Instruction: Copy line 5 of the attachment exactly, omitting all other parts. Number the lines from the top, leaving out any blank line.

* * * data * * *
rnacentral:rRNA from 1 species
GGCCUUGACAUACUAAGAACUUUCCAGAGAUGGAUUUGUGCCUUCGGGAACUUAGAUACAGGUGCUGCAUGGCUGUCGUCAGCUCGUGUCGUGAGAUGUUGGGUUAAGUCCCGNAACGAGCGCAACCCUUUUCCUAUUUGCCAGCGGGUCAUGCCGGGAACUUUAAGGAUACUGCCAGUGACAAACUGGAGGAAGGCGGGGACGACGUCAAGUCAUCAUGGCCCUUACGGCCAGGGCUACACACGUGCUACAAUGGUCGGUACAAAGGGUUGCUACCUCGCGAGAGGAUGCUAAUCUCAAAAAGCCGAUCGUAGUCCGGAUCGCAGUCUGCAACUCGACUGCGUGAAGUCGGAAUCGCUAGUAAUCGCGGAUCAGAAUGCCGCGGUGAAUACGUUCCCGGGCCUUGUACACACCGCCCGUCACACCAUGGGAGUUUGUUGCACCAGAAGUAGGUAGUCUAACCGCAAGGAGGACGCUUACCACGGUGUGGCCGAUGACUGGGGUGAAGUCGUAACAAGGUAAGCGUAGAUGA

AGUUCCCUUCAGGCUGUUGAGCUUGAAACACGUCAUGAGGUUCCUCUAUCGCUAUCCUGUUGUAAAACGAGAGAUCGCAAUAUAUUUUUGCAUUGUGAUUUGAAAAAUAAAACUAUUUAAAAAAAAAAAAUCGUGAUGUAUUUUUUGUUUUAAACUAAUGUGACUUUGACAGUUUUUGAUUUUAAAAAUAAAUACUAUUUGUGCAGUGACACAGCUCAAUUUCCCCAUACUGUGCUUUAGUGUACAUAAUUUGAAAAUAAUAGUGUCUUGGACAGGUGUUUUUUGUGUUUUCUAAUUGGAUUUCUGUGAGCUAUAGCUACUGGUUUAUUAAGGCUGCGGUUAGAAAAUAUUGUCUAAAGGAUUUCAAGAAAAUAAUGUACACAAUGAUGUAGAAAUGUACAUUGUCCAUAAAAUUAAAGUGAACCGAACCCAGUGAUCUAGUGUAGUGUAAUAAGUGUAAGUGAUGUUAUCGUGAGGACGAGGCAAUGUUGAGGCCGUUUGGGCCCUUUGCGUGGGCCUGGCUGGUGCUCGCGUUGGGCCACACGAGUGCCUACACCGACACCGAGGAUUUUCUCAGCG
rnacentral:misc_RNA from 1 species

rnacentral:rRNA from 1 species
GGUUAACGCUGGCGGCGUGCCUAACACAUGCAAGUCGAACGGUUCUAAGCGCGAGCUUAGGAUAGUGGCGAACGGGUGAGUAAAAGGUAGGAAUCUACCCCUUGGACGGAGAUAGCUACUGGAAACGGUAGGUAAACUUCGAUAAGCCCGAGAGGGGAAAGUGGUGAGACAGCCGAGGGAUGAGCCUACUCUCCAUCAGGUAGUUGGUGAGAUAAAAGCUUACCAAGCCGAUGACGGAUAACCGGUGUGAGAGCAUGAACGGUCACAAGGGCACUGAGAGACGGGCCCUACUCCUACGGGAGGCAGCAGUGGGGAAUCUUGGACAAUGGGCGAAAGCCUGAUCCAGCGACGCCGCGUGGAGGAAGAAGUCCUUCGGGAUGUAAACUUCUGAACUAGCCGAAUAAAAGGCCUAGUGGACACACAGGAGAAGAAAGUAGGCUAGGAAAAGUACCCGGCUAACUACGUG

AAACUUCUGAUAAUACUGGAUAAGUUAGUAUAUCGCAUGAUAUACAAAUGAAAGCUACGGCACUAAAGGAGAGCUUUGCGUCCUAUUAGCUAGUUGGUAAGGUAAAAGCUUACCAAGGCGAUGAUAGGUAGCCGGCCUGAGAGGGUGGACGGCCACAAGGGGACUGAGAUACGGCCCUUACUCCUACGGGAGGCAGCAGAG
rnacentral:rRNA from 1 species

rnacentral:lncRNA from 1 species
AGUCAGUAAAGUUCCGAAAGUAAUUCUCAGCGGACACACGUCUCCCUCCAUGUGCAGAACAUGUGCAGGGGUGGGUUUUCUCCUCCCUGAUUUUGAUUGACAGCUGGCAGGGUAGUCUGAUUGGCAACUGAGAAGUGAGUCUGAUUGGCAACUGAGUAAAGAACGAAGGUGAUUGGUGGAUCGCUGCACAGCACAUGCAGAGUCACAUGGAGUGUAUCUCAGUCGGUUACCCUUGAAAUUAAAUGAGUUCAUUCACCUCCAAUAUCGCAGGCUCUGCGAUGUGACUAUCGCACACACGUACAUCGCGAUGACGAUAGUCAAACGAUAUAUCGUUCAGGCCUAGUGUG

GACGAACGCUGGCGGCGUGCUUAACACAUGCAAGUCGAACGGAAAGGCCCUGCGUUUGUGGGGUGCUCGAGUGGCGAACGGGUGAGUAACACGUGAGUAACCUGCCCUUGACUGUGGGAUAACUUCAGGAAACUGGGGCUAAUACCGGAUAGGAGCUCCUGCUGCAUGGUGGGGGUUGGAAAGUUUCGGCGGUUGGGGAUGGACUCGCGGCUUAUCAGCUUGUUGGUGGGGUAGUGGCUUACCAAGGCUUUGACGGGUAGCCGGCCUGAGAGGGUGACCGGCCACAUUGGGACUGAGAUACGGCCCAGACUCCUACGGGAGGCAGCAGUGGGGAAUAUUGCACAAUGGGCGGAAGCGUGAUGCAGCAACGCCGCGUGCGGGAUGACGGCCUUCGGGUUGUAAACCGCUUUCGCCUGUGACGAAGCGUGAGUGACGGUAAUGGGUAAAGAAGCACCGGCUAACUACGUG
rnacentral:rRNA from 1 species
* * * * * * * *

rnacentral:rRNA from 1 species